One of Peale’s acolytes literally became U.S. President: “I like money. I’m very greedy. I’m a greedy person. I shouldn’t tell you that... I love money, right?” But the Bible says “Thou shalt not covet…” (Exodus 20:17a) and “For the love of money is the root of all evil: which while some coveted after, they have erred from the faith, and pierced themselves through with many sorrows” (1 Timothy 6:10, Mystery! Babylon!). Everyone should know that politics is a Spiritual battle, and how people are led into evil when they get triggered with "Taxes!" and "Economy!" Of the 8 billion people in the world, the 300 million Americans are crazy rich. It only takes an income of $19/hr to put yourself in the 1%. The poorest people can be very greedy, and some were at one time very rich. Just because it’s normal doesn’t make it right (see also Mammon and the Libertarians).

 

Jesus plainly says “What sorrow awaits you who are rich, for you have your only happiness now” (Luke 6:24) and “seek ye first the kingdom of God, and his righteousness; and all these things shall be added unto you” (Matthew 6:33b). Paul also said “Know ye not that the unrighteous shall not inherit the kingdom of God? Be not deceived: neither fornicators, nor idolaters, nor adulterers, nor effeminate, nor abusers of themselves with mankind, Nor thieves, nor covetous, nor drunkards, nor revilers, nor extortioners, shall inherit the kingdom of God” (1 Corinthians 6:9-10).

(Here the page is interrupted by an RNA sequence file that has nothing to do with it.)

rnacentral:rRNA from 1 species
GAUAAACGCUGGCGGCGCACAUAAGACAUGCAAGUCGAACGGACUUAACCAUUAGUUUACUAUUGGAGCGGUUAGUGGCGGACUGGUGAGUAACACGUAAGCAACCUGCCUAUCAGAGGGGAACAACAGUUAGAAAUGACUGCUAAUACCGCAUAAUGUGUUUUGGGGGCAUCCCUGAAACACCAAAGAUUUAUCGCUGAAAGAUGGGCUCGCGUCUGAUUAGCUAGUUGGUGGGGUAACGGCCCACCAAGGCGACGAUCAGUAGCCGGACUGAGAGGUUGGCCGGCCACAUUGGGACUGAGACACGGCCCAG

1. Pride

Following closely after the last error, many churches encourage you to have pride in yourself. But Jesus was opposed to all that. Instead, He demonstrated humility (John 13:5).

 

Some preachers say we are supposed to confess our sinlessness. This “Positive Confession” is an oxymoron, and the Bible says it’s ridiculous: “If we say we have not sinned, we make him a liar and his word is not in us” (1 John 1:10). Many people know that the Bible says “Pride goes before destruction, and a haughty spirit before a fall” (Proverbs 16:18) and “God opposes the proud, but he gives grace to the humble" (Proverbs 3:34, James 4:6b, 1 Peter 5:5b), but they ignore that and consider self-esteem a human right (see also Find Rest For Your Soul).